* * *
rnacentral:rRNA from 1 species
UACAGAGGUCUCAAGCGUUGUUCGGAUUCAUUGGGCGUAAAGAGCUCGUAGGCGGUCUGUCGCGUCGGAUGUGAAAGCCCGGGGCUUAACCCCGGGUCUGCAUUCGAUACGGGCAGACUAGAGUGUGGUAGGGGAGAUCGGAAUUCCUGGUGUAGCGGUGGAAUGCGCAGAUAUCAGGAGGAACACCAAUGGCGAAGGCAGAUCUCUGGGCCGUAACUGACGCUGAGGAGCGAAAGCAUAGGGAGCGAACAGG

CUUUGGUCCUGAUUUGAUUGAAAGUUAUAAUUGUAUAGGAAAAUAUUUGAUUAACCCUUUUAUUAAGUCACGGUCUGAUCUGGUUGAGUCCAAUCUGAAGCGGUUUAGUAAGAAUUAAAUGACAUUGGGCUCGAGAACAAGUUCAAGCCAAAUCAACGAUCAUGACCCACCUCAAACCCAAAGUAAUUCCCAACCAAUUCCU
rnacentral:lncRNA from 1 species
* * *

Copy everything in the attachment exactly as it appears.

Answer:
rnacentral:rRNA from 1 species
UACAGAGGUCUCAAGCGUUGUUCGGAUUCAUUGGGCGUAAAGAGCUCGUAGGCGGUCUGUCGCGUCGGAUGUGAAAGCCCGGGGCUUAACCCCGGGUCUGCAUUCGAUACGGGCAGACUAGAGUGUGGUAGGGGAGAUCGGAAUUCCUGGUGUAGCGGUGGAAUGCGCAGAUAUCAGGAGGAACACCAAUGGCGAAGGCAGAUCUCUGGGCCGUAACUGACGCUGAGGAGCGAAAGCAUAGGGAGCGAACAGG

CUUUGGUCCUGAUUUGAUUGAAAGUUAUAAUUGUAUAGGAAAAUAUUUGAUUAACCCUUUUAUUAAGUCACGGUCUGAUCUGGUUGAGUCCAAUCUGAAGCGGUUUAGUAAGAAUUAAAUGACAUUGGGCUCGAGAACAAGUUCAAGCCAAAUCAACGAUCAUGACCCACCUCAAACCCAAAGUAAUUCCCAACCAAUUCCU
rnacentral:lncRNA from 1 species